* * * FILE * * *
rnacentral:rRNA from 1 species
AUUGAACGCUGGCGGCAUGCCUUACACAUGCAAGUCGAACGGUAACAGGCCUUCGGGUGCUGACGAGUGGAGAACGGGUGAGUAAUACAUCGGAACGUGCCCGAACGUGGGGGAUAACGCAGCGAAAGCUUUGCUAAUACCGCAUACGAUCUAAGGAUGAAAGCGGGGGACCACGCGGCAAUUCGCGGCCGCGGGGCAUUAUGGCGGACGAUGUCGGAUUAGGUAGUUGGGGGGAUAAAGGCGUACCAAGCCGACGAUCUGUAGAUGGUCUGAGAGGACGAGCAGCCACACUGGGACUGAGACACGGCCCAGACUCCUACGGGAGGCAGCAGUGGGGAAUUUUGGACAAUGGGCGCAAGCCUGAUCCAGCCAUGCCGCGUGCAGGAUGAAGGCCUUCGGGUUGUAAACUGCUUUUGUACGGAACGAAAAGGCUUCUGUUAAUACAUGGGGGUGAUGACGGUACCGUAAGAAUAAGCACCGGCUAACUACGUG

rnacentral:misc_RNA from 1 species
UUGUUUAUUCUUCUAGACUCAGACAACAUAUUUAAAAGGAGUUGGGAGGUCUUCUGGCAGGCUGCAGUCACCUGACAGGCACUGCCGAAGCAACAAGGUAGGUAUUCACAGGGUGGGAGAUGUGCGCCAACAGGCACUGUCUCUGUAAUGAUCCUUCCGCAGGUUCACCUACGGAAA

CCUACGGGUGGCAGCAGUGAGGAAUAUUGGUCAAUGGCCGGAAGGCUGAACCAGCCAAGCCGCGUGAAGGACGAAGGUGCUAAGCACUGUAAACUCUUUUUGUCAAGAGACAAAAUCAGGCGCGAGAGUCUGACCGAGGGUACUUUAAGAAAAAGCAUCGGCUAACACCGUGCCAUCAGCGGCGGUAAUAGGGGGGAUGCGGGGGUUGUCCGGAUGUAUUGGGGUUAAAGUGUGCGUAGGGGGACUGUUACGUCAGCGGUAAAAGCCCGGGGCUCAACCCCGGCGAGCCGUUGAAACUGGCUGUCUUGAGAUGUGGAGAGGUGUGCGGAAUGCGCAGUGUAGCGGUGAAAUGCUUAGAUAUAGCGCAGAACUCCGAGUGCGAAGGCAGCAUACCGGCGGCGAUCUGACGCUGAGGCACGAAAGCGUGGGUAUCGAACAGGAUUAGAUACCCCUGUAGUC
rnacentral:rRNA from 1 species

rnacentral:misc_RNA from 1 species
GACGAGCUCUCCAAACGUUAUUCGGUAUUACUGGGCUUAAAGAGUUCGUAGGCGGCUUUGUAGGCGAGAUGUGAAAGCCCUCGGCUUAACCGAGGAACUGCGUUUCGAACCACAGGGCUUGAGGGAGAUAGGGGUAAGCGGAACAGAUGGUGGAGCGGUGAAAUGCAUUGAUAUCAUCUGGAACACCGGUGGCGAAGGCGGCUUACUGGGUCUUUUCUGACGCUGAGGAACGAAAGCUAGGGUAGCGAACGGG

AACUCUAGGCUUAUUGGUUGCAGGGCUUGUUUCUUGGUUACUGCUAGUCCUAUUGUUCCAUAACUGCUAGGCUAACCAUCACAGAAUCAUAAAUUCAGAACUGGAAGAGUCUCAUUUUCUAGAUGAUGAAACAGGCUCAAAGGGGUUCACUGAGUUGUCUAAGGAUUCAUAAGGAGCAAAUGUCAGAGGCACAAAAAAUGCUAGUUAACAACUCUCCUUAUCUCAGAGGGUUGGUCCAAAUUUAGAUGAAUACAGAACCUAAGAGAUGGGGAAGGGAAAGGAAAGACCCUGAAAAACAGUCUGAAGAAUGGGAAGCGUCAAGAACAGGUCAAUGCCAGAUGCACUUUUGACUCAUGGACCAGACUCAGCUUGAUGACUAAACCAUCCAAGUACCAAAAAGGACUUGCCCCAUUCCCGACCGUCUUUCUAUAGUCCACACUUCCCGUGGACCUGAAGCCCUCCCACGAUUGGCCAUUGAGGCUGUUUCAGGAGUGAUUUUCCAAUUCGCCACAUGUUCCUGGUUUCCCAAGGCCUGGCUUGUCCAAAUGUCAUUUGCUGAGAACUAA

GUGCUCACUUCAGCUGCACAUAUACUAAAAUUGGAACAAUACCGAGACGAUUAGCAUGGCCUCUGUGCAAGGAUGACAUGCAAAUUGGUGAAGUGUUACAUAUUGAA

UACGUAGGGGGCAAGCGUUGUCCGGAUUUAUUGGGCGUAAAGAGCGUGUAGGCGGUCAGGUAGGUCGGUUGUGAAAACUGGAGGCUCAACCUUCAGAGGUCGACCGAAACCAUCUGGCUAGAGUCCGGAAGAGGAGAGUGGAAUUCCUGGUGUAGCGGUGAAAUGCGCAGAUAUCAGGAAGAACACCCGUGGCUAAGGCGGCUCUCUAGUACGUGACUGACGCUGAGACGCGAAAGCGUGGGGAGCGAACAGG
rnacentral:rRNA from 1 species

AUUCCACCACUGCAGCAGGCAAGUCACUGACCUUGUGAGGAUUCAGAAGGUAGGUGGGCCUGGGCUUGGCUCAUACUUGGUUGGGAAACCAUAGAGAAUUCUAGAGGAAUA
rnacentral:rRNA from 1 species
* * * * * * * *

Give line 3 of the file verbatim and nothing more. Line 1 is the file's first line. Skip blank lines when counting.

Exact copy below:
rnacentral:misc_RNA from 1 species